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Publications [#273308] of Richard S. Keefe

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Journal Articles

  1. Hill, SK; Reilly, JL; Ragozzino, ME; Rubin, LH; Bishop, JR; Gur, RC; Gershon, ES; Tamminga, CA; Pearlson, GD; Keshavan, MS; Keefe, RSE; Sweeney, JA (2015). Regressing to Prior Response Preference After Set Switching Implicates Striatal Dysfunction Across Psychotic Disorders: Findings From the B-SNIP Study.. Schizophrenia Bulletin, 41(4), 940-950. [doi]
    (last updated on 2019/02/22)

    Abstract:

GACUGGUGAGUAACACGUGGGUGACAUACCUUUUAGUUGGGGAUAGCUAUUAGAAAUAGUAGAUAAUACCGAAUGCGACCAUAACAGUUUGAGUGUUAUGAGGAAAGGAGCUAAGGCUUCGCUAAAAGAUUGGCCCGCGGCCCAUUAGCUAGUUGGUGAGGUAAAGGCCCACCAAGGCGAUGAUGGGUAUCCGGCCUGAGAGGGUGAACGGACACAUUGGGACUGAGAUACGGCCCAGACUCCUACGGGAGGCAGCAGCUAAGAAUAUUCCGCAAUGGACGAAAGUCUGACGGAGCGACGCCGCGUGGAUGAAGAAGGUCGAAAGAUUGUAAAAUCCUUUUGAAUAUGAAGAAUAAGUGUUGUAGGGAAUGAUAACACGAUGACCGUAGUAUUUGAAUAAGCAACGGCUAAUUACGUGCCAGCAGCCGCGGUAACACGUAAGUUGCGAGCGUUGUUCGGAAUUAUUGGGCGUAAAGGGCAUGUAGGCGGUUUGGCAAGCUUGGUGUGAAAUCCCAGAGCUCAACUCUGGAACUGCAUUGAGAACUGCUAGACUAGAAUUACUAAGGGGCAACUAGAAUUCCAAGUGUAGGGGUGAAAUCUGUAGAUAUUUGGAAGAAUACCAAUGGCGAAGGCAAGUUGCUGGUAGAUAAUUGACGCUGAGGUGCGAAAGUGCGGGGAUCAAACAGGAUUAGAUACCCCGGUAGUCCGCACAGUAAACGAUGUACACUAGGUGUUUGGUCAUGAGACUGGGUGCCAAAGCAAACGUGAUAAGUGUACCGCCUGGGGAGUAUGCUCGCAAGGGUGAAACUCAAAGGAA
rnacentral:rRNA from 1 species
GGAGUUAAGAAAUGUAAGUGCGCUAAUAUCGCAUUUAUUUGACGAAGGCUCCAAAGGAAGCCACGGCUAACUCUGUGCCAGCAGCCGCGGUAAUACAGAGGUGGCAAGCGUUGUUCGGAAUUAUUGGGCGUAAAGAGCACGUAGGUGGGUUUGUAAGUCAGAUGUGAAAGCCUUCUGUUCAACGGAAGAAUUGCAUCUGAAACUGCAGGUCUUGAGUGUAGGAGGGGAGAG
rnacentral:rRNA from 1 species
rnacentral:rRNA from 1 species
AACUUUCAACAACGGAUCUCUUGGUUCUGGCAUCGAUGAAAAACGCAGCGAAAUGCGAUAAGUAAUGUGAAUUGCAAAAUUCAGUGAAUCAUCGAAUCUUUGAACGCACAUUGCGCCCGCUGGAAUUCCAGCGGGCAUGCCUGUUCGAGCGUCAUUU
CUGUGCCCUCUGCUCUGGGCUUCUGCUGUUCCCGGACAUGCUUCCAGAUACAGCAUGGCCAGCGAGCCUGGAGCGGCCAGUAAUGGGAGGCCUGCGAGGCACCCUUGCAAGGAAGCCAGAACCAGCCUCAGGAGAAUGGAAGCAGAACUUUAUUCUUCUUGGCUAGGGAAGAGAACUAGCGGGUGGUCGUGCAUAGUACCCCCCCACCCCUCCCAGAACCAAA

Difficulty switching behavioral response sets is established in psychotic disorders. In rodent models, prefrontal lesions cause difficulty initially switching to new response sets (perseverative errors) while striatal lesions cause difficulty suppressing responses to previous choice preferences (regressive errors). Studies of psychotic disorders have not previously assessed these 2 error types. Bipolar and Schizophrenia Network on Intermediate Phenotypes (B-SNIP) participants included probands with schizophrenia (N = 212), psychotic bipolar (N = 192), and schizoaffective disorder (N = 131), their first-degree relatives (N = 267,226,165 respectively), and healthy controls (N = 258). Participants completed the Penn Conditional Exclusion Test (PCET) to assess cognitive set switching and the Brief Assessment of Cognition in Schizophrenia (BACS) to assess generalized neuropsychological dysfunction. All proband groups displayed elevated rates of perseverative and regressive errors compared to controls. After correcting for generalized cognitive deficits to identify specific deficits in set shifting and maintenance, there were no significant group differences for perseverative errors, while the increased rate of regressive errors remained significant. Level of regressive errors was similar across proband groups with minimal correlations with antipsychotic medication dose, clinical ratings, and demographic characteristics. Relatives of schizophrenia patients showed increased rates of regressive errors, but familiality of this trait was significant only in bipolar pedigrees. Regressive errors were partially independent of generalized cognitive deficits, suggesting a potentially informative and specific cognitive deficit across psychotic disorders. Preclinical data indicate that this deficit could be related to altered function in a neural system that may include the dorsal striatum or other elements of frontostriatal systems.


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